Holistic Technologies for Libraries
These are the speaker’s notes of a talk I gave I gave at the ninth Code4Lib North meeting, which was held May 10-11 this year at OCAD University, my research group’s home institution. It was an honour to be on the organizing committee this year and help bring the meeting to my university - Code4Lib people were always my favourite library people when I worked in the field, and remain so after I’ve left.
All page references are to the expanded 1999 edition of The Real World of Technology.
Towards Holistic Technology for Libraries
A Talk Inspired by Ursula Franklin
Good morning. I met many of you yesterday and I know others of you from many a code4lib beforehand, but for those who don’t know me, my name is Alan Harnum. These days, I’m a design researcher and software developer at OCADU’s Inclusive Design Research Centre, just south of here on Richmond Street. I work together there with developers, designers, researchers, advocates and volunteers to envision and create a world where emerging information technology and practices consider the full range of human diversity with respect to ability, language, culture, gender, age and other forms of human difference.
But prior to joining the Centre in 2015, I worked for a decade at Toronto Public Library as a librarian and software developer. And I said I’d do a talk here along with being on the organizing committee, so here I am, doing this talk.
Very honestly, one of my less favourite things when I worked in library technology day-to-day was to go to a library conference and listen to talks about how libraries aren’t keeping up with something in the latest technological developments. Particularly so from someone who worked in a library once but doesn’t any more.
So instead, this is a talk about how you should be aware (if you are not) of a book that will be 30 years old next year, and how the insights of its author have helped me think with more clarity about technology in many contexts of my professional and personal life. The book is The Real World of Technology and the author is Ursula Franklin. Can I have a show of hands for how many are familiar with Ursula Franklin?
Franklin had a much more remarkable life then I could talk about in a presentation ten times as long as this. She made significant contributions as a scientist to areas such as dating archaeological materials using modern scientific techniques, taught at the University of Toronto for over forty years, and was a significant Canadian activist for peace and nuclear disarmament.
But the main thing I want to talk about today is a book she wrote, The Real World of Technology. All of my page references are to the 1999 edition of the book, which originates in Franklin’s delivery of 1989 Massey Lecture, also called The Real World of Technology. At least at the moment, those 1989 lectures are available to listen to on the CBC website, and I think they are well worth your time.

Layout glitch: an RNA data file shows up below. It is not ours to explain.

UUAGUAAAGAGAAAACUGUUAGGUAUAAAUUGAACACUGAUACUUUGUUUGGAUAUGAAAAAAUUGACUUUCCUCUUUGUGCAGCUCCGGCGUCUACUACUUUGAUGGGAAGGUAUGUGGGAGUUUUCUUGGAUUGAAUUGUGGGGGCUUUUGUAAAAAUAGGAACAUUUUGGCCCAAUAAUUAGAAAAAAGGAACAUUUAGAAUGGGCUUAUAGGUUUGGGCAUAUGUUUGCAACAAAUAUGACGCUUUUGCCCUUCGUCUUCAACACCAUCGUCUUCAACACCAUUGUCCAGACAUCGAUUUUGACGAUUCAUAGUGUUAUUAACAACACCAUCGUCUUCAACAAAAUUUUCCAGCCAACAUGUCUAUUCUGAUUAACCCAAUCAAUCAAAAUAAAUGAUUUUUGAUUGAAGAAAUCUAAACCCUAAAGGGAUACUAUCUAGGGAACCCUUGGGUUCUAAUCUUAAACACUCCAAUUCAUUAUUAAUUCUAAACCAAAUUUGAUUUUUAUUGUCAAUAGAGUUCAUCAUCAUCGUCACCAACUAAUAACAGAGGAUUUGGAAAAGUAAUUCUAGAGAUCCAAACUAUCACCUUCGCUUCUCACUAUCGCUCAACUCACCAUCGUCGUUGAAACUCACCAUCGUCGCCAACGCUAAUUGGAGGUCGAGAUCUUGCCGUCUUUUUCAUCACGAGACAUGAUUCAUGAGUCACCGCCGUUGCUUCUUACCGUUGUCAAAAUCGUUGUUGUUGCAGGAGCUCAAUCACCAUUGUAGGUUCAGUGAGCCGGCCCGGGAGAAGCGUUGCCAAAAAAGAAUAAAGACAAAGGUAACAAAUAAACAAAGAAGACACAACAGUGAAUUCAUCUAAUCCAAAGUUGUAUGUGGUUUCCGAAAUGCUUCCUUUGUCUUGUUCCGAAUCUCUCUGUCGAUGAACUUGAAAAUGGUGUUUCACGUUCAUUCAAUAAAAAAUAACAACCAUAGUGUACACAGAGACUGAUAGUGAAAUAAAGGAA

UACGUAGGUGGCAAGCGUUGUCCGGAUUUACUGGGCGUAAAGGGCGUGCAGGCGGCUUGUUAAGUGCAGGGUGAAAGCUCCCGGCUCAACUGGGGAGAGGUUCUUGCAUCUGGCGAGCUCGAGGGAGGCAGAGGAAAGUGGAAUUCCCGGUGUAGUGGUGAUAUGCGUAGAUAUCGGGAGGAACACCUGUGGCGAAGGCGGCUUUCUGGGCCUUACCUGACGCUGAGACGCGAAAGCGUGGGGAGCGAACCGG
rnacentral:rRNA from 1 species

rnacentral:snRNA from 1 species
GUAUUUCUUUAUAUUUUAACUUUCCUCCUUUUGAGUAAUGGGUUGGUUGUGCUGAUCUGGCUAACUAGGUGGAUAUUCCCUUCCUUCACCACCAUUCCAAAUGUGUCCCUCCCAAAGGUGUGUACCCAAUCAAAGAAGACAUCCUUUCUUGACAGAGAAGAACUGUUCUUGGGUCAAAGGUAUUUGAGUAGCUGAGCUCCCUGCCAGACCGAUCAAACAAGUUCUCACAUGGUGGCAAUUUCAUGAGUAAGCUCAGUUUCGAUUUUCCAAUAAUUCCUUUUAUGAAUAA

This talk grew, perhaps like wise Athena from the head of the often wrathful, often intemperate Zeus, from another talk I was thinking about doing. That talk would have been titled Library Science Has Failed Us! Library Technology is a Ruin! Now is the Time for the Library Arts!
This is arguably a provocative title, and arguably a clever one, but I think I probably said what limited things I had to say on that topic yesterday in my lightning talk. There is another longer talk I may be able to do someday on making art from library materials - not just the physical materials, but the materials of library culture and history - as a means of making change in the library world, but I shall walk away for now from that topic with a quote from another Ursula (n.b. that was this quote from Ursula K. Le Guin).
Incidentally, I note it seems we are losing various important Ursulas in recent years, and I think this is very unfortunate.
What I am going to try and do with this talk is fairly simple:
- I want to introduce you to some of the main currents of thought in Franklin’s Real World of Technology, as I understand them.
- I want to discuss, briefly, how I think these currents of thought are applicable to the “real world of library technology”, as I understand it.
- I want to offer what I consider to be some possible ways forward.
If I can interest some of you enough to read The Real World of Technology (or listen to the original lecture series) and otherwise acquaint yourself with Dr. Franklin’s thought, I will consider this talk to have had some success.
What Is Technology?
Technology is not the sum of the artifacts, of the wheels and gears, of the rails and electronic transmitters. Technology is a system. It entails far more than its individualized material lo components. Technology involves organizations, procedures, symbols, new words, equations, and, most of all, a mindset.
RWT, p. 2-3
So when we talk about technology in Franklin’s sense, we are not talking merely about material (or digital) components, but about the broader systems and structures of thought, organization and procedure around them - what Franklin calls at various times “practice”, or “how things are done around here” - something she considers necessary to “save us from thinking that technology is the icing on the cake. Technology is part of cake itself.” (RWT, p. 9)
So not just MARC strictly at the level of the technical standard and the software systems that work with MARC records, but the systems and practices that “MAchine Readable Cataloguing” enables, supports and shapes of centralized cataloguing, outsourced cataloguing, the exchange of cataloguing records between institutions and vendors, etc. The critique of thinking that “library technology” can be separated cleanly from the rest of library work (what in more traditional thinking might be called the “real” work of the library) is one I think most of you are probably familiar with and I won’t go into it at length, so let us just be clear that when we talk about technology in Franklin’s sense, we are talking in a broader sense than software or hardware.
Prescriptive and Holistic Technologies
A major distinction in The Real World of Technology is made early on between what Franklin calls holistic and prescriptive technologies. As she defines them:
Holistic technologies are practices associated with ideas of craft and individual work. They are product-oriented and leave the person doing the work in control of major aspects of the work. Think of the individual potter with their wheel and small kiln.